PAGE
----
So You Just Want to be Happy…


Everyone is motivated by a desire for happiness.

How often have you heard yourself saying, “I just want to be happy” or heard others saying it in a         moment of exasperation? This seems like such a simple wish.

But when we start down that path, we inevitably find ourselves deep in self-involvement. Focused on me. I. What I want and don’t want.

The Sakyong in his book Ruling Your World calls this the “me plan.” It’s characterized by the question “what about me?” This “what about me?” sentiment becomes our mantra that resonates “through our day like a heartbeat. We think, ‘Will this food make me happy?’ ‘Will this movie make me happy?’ ‘Will this person make me happy?’ ‘Will this new sweater make me happy?’ ‘What about me?’ becomes the motivating force of our activity.”

The truth of it is, we want to feel pleasure and avoid pain. We want to get what we want, and avoid getting what we do not want. We want fame and to avoid disgrace. We want praise and to avoid blame.

These four pairs of opposites are known in Buddhism as the Eight Worldly Dharmas. The Eight Worldly Dharmas are pairs of opposites that are grounded in hope and fear.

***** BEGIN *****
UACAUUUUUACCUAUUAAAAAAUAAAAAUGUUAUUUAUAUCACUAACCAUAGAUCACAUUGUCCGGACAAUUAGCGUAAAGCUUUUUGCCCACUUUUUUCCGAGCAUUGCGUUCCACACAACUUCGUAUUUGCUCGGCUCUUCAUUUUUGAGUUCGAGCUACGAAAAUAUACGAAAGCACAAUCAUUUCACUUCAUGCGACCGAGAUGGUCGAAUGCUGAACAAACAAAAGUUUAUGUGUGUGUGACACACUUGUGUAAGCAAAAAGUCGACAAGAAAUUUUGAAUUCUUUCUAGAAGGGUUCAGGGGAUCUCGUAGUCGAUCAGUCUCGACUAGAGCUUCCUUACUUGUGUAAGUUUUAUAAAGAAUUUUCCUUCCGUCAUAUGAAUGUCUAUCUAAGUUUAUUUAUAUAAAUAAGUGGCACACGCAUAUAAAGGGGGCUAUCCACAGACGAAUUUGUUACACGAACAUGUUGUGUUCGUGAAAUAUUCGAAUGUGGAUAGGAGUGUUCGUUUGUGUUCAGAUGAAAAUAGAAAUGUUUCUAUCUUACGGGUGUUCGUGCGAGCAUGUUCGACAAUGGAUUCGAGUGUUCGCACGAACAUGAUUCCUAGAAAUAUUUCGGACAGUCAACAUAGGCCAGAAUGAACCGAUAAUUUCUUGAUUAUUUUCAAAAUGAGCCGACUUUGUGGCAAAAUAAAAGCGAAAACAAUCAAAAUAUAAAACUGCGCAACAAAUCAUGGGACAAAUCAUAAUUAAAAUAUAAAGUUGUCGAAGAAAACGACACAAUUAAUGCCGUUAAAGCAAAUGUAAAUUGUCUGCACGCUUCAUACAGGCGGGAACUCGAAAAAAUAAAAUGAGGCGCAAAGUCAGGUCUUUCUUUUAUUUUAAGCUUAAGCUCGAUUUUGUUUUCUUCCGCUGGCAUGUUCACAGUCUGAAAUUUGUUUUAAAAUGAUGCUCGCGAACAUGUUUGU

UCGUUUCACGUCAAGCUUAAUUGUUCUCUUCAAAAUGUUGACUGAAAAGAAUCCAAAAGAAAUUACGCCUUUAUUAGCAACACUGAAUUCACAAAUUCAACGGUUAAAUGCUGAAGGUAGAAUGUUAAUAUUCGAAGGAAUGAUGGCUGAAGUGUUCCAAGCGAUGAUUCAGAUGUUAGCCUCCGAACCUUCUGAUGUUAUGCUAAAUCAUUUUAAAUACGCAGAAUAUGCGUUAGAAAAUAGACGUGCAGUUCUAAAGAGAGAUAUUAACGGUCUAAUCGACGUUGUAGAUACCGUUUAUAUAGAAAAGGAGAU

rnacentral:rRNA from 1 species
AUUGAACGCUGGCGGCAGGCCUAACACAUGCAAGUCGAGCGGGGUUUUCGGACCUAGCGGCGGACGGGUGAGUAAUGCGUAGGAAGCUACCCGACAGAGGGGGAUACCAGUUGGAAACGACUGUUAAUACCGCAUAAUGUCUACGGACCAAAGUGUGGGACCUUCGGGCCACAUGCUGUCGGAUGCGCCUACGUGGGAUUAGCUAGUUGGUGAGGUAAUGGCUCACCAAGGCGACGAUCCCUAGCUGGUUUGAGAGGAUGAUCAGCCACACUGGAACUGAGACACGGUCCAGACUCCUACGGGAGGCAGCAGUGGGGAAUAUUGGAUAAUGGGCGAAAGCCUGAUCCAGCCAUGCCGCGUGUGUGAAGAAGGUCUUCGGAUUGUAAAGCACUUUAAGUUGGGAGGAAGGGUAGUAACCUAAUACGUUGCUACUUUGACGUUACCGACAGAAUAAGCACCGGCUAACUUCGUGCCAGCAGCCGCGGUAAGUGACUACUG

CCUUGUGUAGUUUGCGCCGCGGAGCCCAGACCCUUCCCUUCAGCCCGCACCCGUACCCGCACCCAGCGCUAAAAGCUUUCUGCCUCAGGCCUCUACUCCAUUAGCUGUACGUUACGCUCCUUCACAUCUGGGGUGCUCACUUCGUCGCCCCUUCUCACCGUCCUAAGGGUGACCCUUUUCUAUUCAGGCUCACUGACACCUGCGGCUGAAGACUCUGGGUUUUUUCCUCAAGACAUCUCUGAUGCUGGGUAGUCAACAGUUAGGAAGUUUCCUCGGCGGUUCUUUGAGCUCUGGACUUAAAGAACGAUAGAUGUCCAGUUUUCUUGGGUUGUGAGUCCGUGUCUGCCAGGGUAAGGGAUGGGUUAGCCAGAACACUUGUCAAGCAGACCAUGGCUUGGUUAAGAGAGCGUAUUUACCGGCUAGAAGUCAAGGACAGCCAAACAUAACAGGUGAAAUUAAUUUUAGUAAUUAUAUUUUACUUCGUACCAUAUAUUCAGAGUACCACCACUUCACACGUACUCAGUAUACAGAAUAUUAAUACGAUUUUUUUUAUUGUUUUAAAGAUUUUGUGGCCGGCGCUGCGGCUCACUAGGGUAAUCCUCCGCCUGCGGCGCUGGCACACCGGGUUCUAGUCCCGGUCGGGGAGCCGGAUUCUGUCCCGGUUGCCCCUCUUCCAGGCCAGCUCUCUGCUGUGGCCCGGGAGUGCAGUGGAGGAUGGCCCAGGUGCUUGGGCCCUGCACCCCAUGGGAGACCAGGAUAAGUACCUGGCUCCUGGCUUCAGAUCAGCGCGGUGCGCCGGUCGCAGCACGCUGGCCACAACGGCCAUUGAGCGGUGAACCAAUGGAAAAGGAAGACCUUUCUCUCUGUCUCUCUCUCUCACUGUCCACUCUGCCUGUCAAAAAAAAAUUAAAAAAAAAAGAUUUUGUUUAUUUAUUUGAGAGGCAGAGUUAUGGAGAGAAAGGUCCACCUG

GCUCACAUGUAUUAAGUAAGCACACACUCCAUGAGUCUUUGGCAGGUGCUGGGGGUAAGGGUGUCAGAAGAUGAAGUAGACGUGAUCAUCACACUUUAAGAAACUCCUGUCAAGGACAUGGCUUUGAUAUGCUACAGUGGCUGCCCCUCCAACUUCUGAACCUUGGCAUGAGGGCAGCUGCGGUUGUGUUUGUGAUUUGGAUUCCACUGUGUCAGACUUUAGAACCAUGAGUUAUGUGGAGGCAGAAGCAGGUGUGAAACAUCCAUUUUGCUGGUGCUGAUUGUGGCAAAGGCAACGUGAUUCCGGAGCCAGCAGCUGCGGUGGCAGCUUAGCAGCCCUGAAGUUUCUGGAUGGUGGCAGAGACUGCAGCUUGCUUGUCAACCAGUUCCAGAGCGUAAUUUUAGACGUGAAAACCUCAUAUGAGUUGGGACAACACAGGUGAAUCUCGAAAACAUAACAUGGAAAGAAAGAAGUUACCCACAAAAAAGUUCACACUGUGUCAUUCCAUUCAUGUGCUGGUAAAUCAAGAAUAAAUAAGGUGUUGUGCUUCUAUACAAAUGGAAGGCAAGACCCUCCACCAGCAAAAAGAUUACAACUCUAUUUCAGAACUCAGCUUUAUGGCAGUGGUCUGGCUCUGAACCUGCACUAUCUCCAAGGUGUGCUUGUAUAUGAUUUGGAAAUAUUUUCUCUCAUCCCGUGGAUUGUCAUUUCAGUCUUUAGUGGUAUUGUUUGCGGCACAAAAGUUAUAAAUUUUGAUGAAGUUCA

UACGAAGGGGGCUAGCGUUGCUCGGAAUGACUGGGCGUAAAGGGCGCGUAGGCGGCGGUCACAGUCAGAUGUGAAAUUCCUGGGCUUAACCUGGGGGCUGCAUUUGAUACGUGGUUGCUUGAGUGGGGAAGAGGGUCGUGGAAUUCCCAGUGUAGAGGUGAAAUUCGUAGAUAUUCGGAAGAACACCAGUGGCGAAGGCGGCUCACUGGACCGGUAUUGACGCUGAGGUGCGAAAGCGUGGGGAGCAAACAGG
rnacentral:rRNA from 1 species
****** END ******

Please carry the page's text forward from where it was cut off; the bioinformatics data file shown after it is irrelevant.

We hope for pleasure, gain, fame and praise and fear pain, loss, disgrace and blame.

These four pairs of opposites are basically the boiled down version of all our human attachments. When you take all of your various issues and boil them down, you will get to one of these four desires or aversions. And when you boil those down further, you will find that at their core is either hope or fear.

When you begin to realize this you begin to see clearly why we suffer; why we are not finding happiness.

So you might say, ok that makes sense. I can see that in my life.

So now what?

Part II to follow in a few days…


Blog By:

Megan Bauer

Center Director

Dallas Shambhala Center

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